Seeking only to transform a metaphoric uncured plane of carbon fibre into a load bearing form, the Sepal Set utilizes matching language of stress resolution commonly found in the stiffened planes of plant structures to resolve two dramatically different functions, the chair and table.
Intent upon creating a consistent language of form defining a ‘morphology of chairs and tables,’ the Sepal Chair is a study of surfaces transformed into stiffened shapes. The bent and folded planes are derivations of structures found in flowering plants. While the Sepal Table deviates only in the vertical axis, the Sepal Chair is conceived as a series of shaped planes driven by the forces of a seated person. The deflection of the cantilevered seat and back surfaces creates a spring-like supple surface to meet the human body. These seat and back planes are collected and folded into a W-shaped spine, respective of petals and sepals converging into a receptacle and peduncle of a flower. Connecting the seat and back, this spine unfolds again into four C-shaped legs carrying the forces to the ground, as a peduncle divided and split into four open stems.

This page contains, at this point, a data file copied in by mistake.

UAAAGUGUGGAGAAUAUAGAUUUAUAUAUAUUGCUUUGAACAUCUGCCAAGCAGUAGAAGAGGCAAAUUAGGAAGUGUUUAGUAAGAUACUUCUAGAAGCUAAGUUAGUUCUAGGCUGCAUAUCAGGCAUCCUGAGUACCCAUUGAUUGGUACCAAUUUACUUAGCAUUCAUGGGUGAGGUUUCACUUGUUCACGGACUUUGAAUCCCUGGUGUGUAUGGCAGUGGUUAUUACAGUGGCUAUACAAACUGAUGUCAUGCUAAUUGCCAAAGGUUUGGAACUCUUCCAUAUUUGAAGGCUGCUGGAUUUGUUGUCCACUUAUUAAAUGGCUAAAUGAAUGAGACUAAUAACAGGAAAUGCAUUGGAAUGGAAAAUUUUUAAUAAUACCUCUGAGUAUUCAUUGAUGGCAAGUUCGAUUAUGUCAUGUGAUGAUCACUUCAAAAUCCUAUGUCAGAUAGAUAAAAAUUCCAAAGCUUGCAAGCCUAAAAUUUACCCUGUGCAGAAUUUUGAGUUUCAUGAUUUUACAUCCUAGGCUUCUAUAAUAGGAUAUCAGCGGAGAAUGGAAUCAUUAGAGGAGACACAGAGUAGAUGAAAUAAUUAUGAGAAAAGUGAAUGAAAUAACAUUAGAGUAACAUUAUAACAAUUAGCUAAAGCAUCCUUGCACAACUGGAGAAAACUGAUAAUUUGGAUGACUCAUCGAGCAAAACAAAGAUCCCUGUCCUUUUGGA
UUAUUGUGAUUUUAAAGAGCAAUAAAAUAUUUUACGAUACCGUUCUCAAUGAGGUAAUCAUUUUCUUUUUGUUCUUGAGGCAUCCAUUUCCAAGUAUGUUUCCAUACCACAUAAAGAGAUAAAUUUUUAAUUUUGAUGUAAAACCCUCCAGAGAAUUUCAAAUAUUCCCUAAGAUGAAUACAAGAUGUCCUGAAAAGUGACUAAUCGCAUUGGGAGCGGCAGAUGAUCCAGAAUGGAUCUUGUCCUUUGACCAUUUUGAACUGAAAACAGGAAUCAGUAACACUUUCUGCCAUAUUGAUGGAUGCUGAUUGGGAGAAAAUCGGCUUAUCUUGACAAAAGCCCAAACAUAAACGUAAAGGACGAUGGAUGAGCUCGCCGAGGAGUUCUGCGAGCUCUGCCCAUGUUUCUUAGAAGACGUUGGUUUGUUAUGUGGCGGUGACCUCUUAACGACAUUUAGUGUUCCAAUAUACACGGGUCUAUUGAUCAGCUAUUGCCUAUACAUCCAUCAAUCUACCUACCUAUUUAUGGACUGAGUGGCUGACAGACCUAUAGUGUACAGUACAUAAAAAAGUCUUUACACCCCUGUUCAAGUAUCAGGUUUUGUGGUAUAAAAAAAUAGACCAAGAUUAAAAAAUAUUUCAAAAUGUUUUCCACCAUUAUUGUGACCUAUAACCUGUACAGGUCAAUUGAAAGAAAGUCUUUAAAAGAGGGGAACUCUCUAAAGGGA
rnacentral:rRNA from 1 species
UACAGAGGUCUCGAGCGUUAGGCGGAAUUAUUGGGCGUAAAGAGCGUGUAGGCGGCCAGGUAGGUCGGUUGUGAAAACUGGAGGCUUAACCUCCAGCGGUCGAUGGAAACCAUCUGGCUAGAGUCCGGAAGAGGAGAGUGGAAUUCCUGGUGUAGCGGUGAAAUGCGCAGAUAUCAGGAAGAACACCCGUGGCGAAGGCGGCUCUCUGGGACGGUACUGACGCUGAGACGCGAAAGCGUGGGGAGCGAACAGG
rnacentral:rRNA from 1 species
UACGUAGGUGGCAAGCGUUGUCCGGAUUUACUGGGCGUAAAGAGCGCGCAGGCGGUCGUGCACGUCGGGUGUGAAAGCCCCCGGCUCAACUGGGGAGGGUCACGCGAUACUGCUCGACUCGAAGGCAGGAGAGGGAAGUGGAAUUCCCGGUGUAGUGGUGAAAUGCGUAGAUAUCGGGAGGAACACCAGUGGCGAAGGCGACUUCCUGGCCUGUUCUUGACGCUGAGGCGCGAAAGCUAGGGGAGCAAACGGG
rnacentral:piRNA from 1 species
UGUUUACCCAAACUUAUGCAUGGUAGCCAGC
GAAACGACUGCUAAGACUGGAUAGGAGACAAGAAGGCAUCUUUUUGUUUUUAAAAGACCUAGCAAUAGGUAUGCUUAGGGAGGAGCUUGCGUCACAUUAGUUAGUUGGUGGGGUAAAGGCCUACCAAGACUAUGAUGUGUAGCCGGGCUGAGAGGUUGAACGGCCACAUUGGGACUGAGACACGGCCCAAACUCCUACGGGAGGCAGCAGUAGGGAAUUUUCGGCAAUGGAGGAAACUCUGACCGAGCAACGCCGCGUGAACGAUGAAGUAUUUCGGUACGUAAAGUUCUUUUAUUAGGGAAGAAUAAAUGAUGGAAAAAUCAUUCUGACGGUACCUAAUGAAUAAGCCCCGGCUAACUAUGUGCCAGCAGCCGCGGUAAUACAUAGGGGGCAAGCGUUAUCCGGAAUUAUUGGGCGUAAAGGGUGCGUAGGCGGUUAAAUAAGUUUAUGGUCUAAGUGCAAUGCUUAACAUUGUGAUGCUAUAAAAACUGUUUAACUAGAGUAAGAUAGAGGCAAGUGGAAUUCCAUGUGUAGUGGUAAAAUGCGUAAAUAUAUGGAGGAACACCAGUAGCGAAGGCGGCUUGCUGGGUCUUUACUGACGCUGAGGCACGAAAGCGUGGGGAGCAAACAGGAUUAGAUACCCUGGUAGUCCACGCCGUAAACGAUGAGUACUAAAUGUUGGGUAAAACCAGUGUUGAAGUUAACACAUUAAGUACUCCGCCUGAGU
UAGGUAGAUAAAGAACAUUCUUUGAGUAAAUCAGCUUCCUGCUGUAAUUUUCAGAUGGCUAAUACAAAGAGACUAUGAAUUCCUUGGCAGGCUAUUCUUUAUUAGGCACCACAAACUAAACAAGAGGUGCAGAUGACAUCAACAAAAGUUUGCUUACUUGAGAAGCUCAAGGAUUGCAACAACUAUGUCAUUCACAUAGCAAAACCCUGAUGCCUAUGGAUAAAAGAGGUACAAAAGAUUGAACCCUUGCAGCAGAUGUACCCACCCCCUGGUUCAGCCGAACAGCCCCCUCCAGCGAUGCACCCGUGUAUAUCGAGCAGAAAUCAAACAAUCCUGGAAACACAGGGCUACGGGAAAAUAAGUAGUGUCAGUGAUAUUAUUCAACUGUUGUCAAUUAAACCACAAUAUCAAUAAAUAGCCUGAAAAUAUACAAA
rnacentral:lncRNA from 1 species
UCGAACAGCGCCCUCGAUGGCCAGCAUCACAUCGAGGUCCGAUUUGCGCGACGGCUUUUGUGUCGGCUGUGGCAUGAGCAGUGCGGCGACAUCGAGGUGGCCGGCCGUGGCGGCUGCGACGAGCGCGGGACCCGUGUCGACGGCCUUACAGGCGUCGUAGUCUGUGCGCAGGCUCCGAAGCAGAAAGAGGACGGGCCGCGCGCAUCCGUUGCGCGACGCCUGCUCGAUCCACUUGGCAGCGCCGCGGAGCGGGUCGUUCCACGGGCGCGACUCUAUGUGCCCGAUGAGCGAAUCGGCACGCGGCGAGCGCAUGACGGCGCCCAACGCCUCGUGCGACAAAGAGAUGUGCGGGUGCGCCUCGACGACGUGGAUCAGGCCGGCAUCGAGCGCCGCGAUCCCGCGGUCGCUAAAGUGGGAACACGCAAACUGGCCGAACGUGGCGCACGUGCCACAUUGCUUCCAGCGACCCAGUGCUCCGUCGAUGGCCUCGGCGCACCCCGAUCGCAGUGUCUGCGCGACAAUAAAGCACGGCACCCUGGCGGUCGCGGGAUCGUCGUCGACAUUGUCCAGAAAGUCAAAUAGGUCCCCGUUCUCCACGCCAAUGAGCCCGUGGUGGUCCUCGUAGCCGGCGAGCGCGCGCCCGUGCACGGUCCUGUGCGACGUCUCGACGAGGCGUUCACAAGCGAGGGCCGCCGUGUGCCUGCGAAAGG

The upright and dynamic form of the Sepal Chair is supportive of spirited debates, while the spring-like deflection of the thin carbon fiber material allows for lasting comfort. The unconventional spade shaped seat and back compliment the divided Sepal Table surfaces.